A couple purchases this week. First is Fables vol.11, a series I still only follow in trades. It's tough when those monthlies tantalize you from the racks... And in my continuing quest for good DVD versions of Hamlet on film, Olivier's Shakespeare, a boxed set that's a better value than just the Criterion Hamlet, also containing Henry V and Richard III, which actually have extras. Now I can retire my old VHS tape of Olivier's Hamlet.
DVDs: Flipped John Woo's Hard Boiled, because sometimes, I really need my dose of Hong Kong cinema. Hard Boiled is an exhausting action movie - you feel you're consistently in the climax - and even John Woo admits its action pieces are too long, but it's pretty cool nonetheless. Though Chow Yun Fat is nominally the star, Tony Leung (one of my favorite actors of all time) steals the show, just as total badass Kwok Choi does from the film's nominal baddie. The DVD has an expert's commentary track (not bad, though sometimes tedious), and a number of interviews with Woo, his producer, Kwok Choi, and others. Dragon Dynasty completes the package with a ton of Hong Kong movie trailers, a location guide to Hard Boiled, and promo featurette for the Hard Boiled video game, Strangehold.
Next up was Chungking Express by Wong Kar-Wai. Not so much a movie as two movies, with common locations and themes, but no intersecting plots. Both feature lovelorn cops and Wong Kar-Wai's lyricism and poetry. In the first, a cop obsessed with things (and relationships) having expiration dates crosses paths with a bewigged drug smuggler, but doesn't know what he's got. In the second, a slightly crazy girl redecorates another cop's apartment in his absence, replacing his ex-girlfriend inch by inch. The screwball romance stars Tony Leung again, but it would have been my favorite anyways. Another expert's commentary (this time, truly insightful), an interview with the director and his d.p., Chris Doyle, and a pretty good essay in the booklet.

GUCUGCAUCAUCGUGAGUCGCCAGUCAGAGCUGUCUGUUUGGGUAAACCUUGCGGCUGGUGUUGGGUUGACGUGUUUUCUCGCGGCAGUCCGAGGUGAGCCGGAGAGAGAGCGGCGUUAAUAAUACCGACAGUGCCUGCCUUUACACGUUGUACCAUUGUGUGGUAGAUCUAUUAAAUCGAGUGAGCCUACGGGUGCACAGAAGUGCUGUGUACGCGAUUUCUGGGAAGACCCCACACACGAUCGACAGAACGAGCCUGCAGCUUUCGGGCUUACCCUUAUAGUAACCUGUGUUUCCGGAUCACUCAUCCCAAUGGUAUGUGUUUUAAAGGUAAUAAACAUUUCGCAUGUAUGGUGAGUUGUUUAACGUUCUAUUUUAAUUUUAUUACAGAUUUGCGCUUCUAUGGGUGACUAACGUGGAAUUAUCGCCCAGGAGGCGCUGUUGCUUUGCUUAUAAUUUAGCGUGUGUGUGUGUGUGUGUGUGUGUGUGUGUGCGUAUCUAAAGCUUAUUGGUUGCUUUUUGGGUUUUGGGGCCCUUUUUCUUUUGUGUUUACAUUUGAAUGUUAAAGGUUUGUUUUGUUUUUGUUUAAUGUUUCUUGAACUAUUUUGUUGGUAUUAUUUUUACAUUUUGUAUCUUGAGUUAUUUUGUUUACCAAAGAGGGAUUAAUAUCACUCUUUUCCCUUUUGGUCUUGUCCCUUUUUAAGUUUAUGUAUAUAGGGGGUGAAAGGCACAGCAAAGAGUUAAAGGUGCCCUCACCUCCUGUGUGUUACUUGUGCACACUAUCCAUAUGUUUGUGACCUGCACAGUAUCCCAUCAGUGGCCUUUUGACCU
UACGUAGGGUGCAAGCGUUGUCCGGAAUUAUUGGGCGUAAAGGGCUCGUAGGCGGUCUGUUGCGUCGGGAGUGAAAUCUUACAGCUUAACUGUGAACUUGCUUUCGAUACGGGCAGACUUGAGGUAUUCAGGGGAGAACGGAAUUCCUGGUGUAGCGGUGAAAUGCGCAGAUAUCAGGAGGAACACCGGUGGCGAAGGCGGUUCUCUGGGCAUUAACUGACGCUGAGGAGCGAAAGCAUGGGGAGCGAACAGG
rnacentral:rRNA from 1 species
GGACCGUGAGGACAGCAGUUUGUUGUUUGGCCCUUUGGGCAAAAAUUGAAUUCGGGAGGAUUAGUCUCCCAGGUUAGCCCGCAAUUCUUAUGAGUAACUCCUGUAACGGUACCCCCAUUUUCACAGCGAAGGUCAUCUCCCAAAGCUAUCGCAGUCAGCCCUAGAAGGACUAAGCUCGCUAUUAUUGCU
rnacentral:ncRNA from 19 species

Getting back to North America, I then flipped David Mamet's Redbelt (so not too far from Asian sensibility), a well-researched story that takes place in and around the Ultimate Fighting world. I've heard people say the ending isn't satisfying, but I disagree. Mamet excels at not giving everything away, and his ending has the right kind of ambiguity. To understand the film properly, the lessons of jujitsu spouted throughout must be applied to all characters' behavior. Very strong performances from Chiwetel Ejiofor, Tim Allen and Emily Mortimer, and interesting fighting scenes besides. The DVD has Mamet and Randy Couture on an entertaining commentary, and about an hour and a half's worth of features, include the making of, a piece on mixed martial arts, another on Ultimate Fighting, and a bitingly funny Q & A with Mamet (among other things).
Improv: We had a show this week - another one of our patented improvised plays. The kids at the high school we played asked for only one thing: That the play be called "Dynasty of the Pirates". So we lugged in some appropriate costumes from the university theater, spent a half hour constructing makeshift islands on stage and the idea of boat in the middle and went right to work. The result was more parody than anything, but I did enjoy the way it started and ended in the present day, where a carven idol made the contemporaries also act like pirates. I mostly stuck to a mute secondary character, since I was losing my voice at the time (now it's done), but my boys Sly and Bass (and Carolynn in the background) were in full pirate drag.
Not pictured: Etienne as a native witch doctor.
Video games: Big Halo/Rock Band party this weekend. 16+ players, 5 screens, 5 xboxes... I got slayed a heck of a lot. Good thing I'm a regular guitar hero.
Someone Else's Post of the Week
Caleb does it again. Yes, Everyday Is Like Wednesday gets my prize for the umpteenth time. The title: "I'm not sure if anyone's ever pointed this out before or not, but Rob Liefeld doesn't seem to be a very good artist." And Caleb tries to draw like him to see just how bad!